Keeping Score

Kentucky’s Title Legacy: How College All-Stars Can Play Like A Team

Kentucky did not beat Kansas on sheer talent alone. Defense and teamwork also played a key role.

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Lucy Nicholson / Reuters

Members of the Kentucky Wildcats celebrate defeating the Kansas Jayhawks to win the men's NCAA Final Four championship college basketball game in New Orleans, Louisiana, April 2, 2012.

In 2011-2012, Kentucky assembled one of the more impressive collections of individual talents college basketball has ever seen. But this morning, they are national champions, 67-59 winners over Kansas, because all these stars sacrificed their statistics for the good of the team.

That’s not supposed to happen these days, right? Today’s players, say the grumps, grow up in an AAU culture in which the goal is to showcase your skills to the college recruiters, to the NBA scouts. These people, after all, can offer you something. It turns out, these Kentucky kids wished to offer something to themselves. They wanted to win.

It sure looked like it was going to be easy, as Kentucky raced out to a 41-27 halftime lead against the Kansas on Monday night. At times, you got the sense that it would be a blowout, along the lines of, say, UNLV’s 103-73 thrashing of Duke in the 1990 championship. A reprise of that game would have been appropriate, since so many students of college basketball have been saying that this Kentucky team reminded them of those dominant, legendary teams from Vegas.

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But Kentucky’s John Calipari, who coached superbly all season, got way too conservative in the second half. “I pulled the reins back a little bit and they were all over me,” Calipari said on CBS afterward. “‘Let us go, let us go.’ But we were trying to get out of this gym alive.” This was a strange strategic blunder. After Kentucky beat Louisville on Saturday night, I asked Calipari if he was comfortable with his players throwing risky alley-oops late in a close game, when a turnover can really cost you. Calipari said he was. “I want them to be aggressive,” Calipari responded. “We’re an attacking team. That’s what we are. I don’t want them to change.”

So why slow your team down in the title game? The more deliberate pace seemed to give Kentucky too much time to think. So the Wildcats started to miss shots, and Kansas began chipping away, cutting the lead to 48-38 with just over 10 minutes left.  But that’s when Kentucky’s habit of sharing the ball paid off.  On the seventh pass of the possession, Kentucky’s Marquis Teague, who finished with 14 points, received the ball on the left wing. But rather than fire up a three, he made the eighth pass, to a wide-open Doron Lamb in the corner. Lamb sank the three, to make it a 13-point game.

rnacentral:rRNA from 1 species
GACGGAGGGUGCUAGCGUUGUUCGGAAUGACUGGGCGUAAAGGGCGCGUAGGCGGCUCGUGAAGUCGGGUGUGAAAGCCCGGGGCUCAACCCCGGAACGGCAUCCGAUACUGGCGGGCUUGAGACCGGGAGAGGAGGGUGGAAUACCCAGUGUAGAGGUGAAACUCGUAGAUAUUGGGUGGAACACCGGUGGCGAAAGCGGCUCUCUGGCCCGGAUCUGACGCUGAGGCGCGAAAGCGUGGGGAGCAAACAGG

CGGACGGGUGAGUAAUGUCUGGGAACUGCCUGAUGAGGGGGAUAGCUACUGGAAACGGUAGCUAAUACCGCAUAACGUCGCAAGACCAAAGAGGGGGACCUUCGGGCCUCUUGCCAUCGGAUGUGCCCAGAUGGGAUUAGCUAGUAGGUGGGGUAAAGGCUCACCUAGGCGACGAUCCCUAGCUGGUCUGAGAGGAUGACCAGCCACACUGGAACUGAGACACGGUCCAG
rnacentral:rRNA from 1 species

After another Kansas miss, Kentucky star Anthony Davis dribbled the ball over to Lamb, and set a screen for him. With Davis’ help, Lamb hit another three, and just like that, Kentucky’s lead was back up to 16.

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But Kansas was not done. The Jayawks went on an 8-0 run over the span of a minute, and trailed by seven, 59-52, with just under four minutes left. Teague nailed a big three to give Kentucky a little double-digit breathing room. During a timeout with just over a minute left and Kansas trailing 63-57, Kansas coach Bill Self designed a beautiful backdoor play that seemed to give Tyshawn Taylor a layup. That’s when Kentucky’s habit of playing strong defense paid off. Michael Kidd-Gilchrist flew in to block Taylor’s shot: it was Kentucky’s 11th block of the game, and one of the more clutch defensive plays you’ll ever witness.

Despite shooting 1-of-10 from the field in the game, Davis was named the Most Outstanding Player of the Final Four. Such is the reward for 16 rebounds, six blocks, five assists, three steals, and a presence that doesn’t show up in his gaudy box score. Early in the second half, for example, Kansas’ Elijah Johnson drove to the left for a layup, but just flicked the ball towards the hoops since he knew Davis was in the neighborhood. Sure, Johnson avoided yet another Davis block. But the shot never had a chance of going in.

With 24 seconds left and Kansas down six, Johnson rose up for a three-point shot. But Davis sprinted from the foul lane to the left wing, like a gazelle. Unable to loft the shot over Davis’ outstretched arms, Johnson’s feet touched the ground without him releasing the ball. That’s a travel, and the turnover clinched the Kentucky championship.

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It was a title built on teamwork and defense, which are usually the hallmarks of undermanned college teams. Not one of future NBA stars.

Think what you want of Calipari and his unapologetic method of recruiting players he knows are bound to leave college for the pros in a year or two. To me, the NBA’s rule requiring them to go to school for a year is selfish. Sure, it helps the NBA’s brand to have more polished, mature players entering the league. But it turns college into a way station. And what is Calipari, who is paid a $3.8 million salary by Kentucky to win basketball games, supposed to do? Not recruit the best talents, because he knows they’ll flee him before they are sophomores? Where’s the outrage towards Lee Todd Jr., the former Kentucky president who signed Calipari to such a lucrative contract?

Dislike Calipari because he will talk about his love of shaping the lives of young men, then maybe flee for the NBA since he now has his title. But getting these stars to play together was his most masterful coaching job. And Kentucky is a deserving champion.

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